Since the beginning of the COVID-19 public health emergency, the U.S. economy has come to a virtual standstill. Unemployment claims, in the meantime, have skyrocketed as companies have furloughed or laid off employees to remain solvent.
According to the U.S. Department of Labor, there were 5,245,000 initial unemployment claims for the week ending April 11. Initial unemployment claims fell from the previous week, when 6,615,000 unemployment claims were filed in the United States.
Approximately 22 million people are currently unemployment in the United States as a result of the COVID-19 crisis. The unemployment data for the month of April is set to be released on May 8. The March unemployment data was released on April 3 and showed that the country’s unemployment rate was 4.4 percent. However, the April data will show a significantly higher unemployment rate.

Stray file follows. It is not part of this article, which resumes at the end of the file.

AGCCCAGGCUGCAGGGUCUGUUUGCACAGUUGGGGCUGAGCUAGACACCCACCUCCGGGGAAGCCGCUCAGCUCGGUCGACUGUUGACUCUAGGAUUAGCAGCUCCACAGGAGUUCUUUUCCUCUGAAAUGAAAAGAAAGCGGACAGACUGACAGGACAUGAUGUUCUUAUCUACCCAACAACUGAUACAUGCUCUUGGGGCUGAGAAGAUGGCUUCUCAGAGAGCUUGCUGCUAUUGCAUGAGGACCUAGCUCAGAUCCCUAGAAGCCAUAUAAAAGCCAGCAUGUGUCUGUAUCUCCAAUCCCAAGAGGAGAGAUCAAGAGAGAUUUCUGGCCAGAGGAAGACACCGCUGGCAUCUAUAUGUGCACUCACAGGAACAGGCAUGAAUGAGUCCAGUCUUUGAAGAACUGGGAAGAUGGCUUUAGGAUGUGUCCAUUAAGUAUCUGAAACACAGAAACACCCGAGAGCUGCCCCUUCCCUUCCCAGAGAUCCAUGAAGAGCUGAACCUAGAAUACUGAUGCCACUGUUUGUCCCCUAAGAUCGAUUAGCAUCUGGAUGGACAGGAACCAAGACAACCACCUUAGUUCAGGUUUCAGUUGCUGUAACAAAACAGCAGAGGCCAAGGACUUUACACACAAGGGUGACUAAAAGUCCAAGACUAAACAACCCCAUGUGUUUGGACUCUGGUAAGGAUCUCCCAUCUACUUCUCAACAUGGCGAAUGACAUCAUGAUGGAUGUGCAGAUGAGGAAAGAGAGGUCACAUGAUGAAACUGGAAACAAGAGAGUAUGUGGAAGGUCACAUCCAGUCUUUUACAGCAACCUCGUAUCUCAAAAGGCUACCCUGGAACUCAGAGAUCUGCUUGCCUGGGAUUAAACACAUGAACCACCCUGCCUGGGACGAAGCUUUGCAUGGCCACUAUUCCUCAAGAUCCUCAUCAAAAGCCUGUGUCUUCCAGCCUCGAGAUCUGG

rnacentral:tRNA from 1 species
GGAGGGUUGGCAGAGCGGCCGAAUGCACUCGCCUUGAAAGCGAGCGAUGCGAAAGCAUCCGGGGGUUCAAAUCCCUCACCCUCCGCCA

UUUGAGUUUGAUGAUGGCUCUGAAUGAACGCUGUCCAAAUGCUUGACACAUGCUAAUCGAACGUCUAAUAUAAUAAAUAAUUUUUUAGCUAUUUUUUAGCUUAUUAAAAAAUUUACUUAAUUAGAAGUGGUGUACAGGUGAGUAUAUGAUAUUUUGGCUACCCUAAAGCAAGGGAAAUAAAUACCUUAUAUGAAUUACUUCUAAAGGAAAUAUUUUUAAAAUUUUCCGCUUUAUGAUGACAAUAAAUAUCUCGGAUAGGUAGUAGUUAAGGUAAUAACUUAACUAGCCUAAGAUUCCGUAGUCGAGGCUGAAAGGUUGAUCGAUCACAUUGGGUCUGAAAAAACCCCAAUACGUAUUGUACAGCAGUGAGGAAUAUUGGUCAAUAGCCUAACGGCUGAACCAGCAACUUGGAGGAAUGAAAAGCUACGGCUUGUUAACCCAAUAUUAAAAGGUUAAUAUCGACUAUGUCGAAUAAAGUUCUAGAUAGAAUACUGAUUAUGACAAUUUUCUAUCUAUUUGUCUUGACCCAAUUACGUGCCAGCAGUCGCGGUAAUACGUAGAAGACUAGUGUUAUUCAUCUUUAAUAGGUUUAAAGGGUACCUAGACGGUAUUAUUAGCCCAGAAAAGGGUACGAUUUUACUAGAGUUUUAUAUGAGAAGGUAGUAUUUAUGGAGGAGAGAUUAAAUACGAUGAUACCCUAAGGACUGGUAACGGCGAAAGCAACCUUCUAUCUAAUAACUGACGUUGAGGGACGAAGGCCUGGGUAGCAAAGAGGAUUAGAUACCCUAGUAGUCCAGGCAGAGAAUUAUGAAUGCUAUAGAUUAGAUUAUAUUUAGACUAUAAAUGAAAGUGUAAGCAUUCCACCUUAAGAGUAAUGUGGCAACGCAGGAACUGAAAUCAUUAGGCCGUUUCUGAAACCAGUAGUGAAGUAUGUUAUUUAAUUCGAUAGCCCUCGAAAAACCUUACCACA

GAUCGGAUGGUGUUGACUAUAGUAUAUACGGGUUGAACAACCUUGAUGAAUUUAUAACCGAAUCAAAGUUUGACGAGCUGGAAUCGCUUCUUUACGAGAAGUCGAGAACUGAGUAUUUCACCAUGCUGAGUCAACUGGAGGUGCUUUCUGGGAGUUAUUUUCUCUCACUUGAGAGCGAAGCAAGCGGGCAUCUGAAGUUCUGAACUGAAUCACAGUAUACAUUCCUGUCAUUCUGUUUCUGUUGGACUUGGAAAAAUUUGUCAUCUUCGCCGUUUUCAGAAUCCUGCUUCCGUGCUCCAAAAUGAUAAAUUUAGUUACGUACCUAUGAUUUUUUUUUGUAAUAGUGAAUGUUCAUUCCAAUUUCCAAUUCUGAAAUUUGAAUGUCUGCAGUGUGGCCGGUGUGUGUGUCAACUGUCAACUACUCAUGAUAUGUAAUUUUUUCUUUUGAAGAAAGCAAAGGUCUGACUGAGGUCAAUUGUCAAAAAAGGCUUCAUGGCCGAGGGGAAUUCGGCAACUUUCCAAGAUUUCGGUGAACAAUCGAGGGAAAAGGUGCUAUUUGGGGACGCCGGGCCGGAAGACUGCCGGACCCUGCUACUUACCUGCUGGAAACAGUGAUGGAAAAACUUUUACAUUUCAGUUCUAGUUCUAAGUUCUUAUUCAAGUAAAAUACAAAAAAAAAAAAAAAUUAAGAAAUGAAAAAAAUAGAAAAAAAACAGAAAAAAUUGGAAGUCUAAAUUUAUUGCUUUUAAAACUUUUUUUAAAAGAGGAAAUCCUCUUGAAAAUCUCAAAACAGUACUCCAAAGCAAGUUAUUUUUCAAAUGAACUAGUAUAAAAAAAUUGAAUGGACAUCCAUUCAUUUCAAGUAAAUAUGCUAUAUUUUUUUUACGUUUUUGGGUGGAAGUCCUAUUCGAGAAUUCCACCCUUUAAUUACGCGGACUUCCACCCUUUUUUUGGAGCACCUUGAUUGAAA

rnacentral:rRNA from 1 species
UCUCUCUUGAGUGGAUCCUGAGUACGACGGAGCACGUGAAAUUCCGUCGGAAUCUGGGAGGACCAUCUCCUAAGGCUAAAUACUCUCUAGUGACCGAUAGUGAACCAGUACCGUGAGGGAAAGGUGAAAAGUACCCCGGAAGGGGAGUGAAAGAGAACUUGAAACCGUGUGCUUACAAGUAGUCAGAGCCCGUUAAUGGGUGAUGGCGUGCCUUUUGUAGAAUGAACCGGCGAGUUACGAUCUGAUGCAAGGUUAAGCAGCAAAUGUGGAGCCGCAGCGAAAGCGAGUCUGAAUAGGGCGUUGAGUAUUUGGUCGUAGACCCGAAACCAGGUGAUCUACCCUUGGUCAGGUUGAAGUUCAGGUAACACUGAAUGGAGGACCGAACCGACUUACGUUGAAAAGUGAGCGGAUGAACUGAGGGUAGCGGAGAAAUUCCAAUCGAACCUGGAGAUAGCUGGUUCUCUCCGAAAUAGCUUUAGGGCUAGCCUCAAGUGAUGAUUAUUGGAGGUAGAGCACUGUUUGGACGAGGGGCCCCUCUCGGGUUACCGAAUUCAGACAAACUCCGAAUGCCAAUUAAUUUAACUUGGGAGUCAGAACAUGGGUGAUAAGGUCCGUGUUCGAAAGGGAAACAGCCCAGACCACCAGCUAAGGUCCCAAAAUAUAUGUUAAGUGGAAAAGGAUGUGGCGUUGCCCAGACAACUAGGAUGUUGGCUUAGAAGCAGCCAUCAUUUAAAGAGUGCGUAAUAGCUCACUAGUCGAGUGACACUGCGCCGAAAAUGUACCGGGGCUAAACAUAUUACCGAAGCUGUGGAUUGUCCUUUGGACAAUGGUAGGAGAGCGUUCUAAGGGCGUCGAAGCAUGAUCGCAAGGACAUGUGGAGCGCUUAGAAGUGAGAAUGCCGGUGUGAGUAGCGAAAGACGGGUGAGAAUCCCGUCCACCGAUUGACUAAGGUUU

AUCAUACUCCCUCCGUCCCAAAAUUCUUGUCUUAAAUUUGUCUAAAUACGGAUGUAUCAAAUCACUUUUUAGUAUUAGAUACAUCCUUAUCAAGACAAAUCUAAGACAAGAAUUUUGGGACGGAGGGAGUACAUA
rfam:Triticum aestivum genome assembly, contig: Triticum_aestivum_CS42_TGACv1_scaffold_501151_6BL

Throughout the United States, the moving average of initial unemployment claims has been 5,508,500 per week. Last week, the average was 4,267,750 unemployment claims.
In Arkansas, the Labor Department reports there are 34,635 advance initial claims for the week of April 11. In the previous week, there were 62,086 initial claims filed. This marks a decrease of 27,451 initial claims between the two weeks.
For the week of April 4, there were 64,356 insured unemployment claims. This was an increase from the prior week, when 36,499 insured unemployment claims were filed.
It is currently unclear how many total unemployment claims have been filed in Arkansas. Last week, Arkansas Department of Commerce Secretary Mike Preston told reporters that 150,000 unemployment claims would likely be processed by the end of the weekend.